“Different is good”, and that applies to Vizag Blue so well. A graphic novella is what caught my attention. Unlike the usual novellas that come with a package of drama, emotions and thrill, this book not only has a strong story-line but also aids in picturing the events well.

The story throws spotlight on Kalpana’s life and her short moments of zoning out. She is a patient in a mental asylum but there are ‘her moments’ when she finds herself alone with her love interest. When back to the reality, the four walls of the asylum seem to suffocate her.

The animation and graphics are good but not perfect. I did not like the blend of real faces with the anime one. Also, the incorrect grammar, missing words and other errors with the dialogues in the box can put the reader in a black mood.

The conceptualization is creative but without proper refining of the content the books is more like the cake not worth the candle.

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September 17, 2016

Book Review: Punk Sunk Love by Dhirendra Tiwari

Author: Dhirendra Tiwari
Publisher: Srishti Publishers
Rating: 3.5/5

“Punk Sunk Love” revolves around Shammi, a realist and objective person, and Sona, a rare and wonderful woman, who drives Shammi crazy. But the surprise is not yet over, for there is another angle in this plot- Roy and Monica, who are parallel to Shammi and Sona and these four take the story further.

This story is definitely not a teenage love tale. Instead, it has a lot more to it. What happens when all possible doors close and you are left between the devil and the deep blue sea? The period between choosing and finally reaching a verdict is the toughest. The characters of Roy, Shammi, Sona and Monica have been given due weightage and their character leads to contemplation.

The title of the book is appealing, but the cover could have been better. The blurb is apt. The readers are forced to turn the pages of the book to explore the profound emotion and expression. The font size, style, indentation, header-footer are all fine.

The story is fast paced and interesting. The initial few pages are stretched a bit, probably because of the lengthy descriptions. But gradually the readers can keep up with the flow of the story. Today, where everyone is looking for something exciting and thrilling to read, this plot might just end up being the cake not worth the candle.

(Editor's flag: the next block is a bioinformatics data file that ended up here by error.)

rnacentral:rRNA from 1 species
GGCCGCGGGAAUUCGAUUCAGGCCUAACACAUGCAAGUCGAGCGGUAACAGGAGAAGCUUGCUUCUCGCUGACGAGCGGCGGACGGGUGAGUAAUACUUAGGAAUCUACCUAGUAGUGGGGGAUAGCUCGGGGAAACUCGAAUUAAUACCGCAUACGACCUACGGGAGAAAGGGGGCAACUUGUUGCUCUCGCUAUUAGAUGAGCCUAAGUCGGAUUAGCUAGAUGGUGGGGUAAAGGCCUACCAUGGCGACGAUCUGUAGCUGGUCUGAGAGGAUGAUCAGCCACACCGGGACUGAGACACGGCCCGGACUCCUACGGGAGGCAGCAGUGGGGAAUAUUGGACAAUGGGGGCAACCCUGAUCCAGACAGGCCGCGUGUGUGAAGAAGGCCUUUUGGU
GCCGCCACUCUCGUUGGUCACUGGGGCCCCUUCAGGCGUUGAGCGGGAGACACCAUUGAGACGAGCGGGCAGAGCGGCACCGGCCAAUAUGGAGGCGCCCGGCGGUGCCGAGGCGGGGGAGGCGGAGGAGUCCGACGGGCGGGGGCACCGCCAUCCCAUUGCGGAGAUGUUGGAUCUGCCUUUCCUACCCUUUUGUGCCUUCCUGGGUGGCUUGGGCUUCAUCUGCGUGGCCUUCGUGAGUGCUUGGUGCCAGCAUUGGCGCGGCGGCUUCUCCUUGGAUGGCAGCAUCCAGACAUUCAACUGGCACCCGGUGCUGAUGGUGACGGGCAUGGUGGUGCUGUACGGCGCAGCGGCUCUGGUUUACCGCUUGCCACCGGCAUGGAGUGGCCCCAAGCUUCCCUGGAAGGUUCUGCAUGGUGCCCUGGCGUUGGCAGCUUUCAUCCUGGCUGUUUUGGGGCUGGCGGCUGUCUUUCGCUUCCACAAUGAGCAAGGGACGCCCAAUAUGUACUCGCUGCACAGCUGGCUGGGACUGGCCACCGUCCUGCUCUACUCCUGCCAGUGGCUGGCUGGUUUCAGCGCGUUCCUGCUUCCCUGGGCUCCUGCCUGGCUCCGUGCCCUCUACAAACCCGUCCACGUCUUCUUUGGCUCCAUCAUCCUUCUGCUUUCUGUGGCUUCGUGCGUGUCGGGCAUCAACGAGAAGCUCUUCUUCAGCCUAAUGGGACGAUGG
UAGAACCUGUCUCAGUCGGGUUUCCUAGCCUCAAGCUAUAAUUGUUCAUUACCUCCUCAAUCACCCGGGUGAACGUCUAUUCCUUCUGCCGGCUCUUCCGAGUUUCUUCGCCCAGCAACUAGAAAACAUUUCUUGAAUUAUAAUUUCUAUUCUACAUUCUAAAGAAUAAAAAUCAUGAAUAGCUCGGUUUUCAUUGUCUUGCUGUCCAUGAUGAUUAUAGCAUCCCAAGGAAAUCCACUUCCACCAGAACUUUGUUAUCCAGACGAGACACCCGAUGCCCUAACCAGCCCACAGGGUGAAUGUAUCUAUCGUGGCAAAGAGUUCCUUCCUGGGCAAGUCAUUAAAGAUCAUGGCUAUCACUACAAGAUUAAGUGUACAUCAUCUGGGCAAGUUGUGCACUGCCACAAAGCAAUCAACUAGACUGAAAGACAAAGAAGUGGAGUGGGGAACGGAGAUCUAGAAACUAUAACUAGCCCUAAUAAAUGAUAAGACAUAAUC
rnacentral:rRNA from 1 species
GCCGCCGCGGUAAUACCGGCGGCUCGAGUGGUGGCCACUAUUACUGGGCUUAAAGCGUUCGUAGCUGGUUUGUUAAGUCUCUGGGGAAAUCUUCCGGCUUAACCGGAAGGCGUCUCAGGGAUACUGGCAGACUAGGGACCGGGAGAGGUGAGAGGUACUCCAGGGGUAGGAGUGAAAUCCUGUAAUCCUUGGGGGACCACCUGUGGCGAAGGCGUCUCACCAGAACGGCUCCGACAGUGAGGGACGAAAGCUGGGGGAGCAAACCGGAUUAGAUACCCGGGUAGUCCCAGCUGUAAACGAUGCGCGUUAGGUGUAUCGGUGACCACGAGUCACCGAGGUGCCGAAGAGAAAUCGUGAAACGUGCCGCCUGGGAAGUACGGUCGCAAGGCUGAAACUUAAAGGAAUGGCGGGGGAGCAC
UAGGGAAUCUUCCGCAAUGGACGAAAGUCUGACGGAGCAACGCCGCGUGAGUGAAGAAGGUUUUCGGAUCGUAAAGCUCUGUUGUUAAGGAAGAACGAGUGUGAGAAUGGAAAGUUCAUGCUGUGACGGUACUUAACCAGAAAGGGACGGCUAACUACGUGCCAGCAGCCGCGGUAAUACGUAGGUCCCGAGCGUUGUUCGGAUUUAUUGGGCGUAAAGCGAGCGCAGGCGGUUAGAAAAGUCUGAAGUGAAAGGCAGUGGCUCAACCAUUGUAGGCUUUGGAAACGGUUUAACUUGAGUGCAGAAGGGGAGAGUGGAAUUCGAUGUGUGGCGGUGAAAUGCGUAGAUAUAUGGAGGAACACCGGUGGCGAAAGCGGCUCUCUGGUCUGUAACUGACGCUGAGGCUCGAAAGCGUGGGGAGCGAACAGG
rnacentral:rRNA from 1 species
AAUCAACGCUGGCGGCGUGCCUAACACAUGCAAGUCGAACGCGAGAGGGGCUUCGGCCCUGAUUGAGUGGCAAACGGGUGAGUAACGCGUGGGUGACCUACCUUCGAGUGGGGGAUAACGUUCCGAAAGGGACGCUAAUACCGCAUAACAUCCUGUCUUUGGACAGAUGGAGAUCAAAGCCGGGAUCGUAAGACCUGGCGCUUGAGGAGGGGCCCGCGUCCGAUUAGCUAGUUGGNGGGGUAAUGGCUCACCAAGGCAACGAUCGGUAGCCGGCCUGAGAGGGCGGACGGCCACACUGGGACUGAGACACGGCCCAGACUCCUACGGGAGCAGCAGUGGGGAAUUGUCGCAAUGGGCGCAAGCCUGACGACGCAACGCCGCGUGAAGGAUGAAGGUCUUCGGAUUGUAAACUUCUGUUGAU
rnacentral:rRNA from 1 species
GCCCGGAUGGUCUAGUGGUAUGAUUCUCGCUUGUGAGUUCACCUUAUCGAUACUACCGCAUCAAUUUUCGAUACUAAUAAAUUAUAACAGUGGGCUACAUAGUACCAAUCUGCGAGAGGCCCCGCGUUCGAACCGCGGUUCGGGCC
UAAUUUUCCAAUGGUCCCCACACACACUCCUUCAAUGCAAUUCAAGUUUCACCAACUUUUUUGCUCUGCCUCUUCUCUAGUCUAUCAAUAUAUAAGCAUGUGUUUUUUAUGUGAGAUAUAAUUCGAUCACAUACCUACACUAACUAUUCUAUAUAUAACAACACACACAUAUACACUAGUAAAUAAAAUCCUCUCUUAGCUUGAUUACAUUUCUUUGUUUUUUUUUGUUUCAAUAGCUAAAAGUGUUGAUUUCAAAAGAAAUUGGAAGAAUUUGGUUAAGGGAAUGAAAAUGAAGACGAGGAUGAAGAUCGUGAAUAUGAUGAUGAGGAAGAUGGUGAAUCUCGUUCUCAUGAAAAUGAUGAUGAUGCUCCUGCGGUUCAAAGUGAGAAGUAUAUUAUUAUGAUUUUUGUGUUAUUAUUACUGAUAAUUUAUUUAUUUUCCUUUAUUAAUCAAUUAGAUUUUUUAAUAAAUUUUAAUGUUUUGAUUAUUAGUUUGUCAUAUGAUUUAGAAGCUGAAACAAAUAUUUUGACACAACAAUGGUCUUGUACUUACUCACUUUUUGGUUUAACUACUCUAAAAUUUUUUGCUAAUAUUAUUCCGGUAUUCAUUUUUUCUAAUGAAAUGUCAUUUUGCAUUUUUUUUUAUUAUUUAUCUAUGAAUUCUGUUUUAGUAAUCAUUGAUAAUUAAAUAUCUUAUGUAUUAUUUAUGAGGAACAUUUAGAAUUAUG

But the preciseness and conciseness of the chapters do the trick. The climax is compelling. I would like to compliment the author’s ability to think beyond the horizon and come up with a different plot altogether.

Best wishes to the author!

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Book Review: The Fence by multiple authors

The Fence

Author: Multiple authors
Publisher: Half Baked Beans
Rating: 4/5

Life is unpredictable, yet it is possible to connect the threads together and form an opinion. ‘The Fence’ offers a blend of different instances that can leave a lasting impression on one’s heart and soul. With just eight short stories, the authors have proved their potential in writing skills.

‘Illustrado’s eulogy’ is one story that appealed to me a lot. I liked the style of writing and the vocabulary used by the author. With a subtle beginning, the narration acts like a cherry on the cake. ‘The Smartphone’ is another piece with good narration. The story highlights the irony of becoming dependent on a gadget and how it has the potential to destroy one’s life too.

The other stories are fine but predictable. The language and vocabulary use is exemplary and the perfect placement of twists and turns make the minor mistakes seem negligible.

Overall, the book offers a blend of emotions and different perceptions.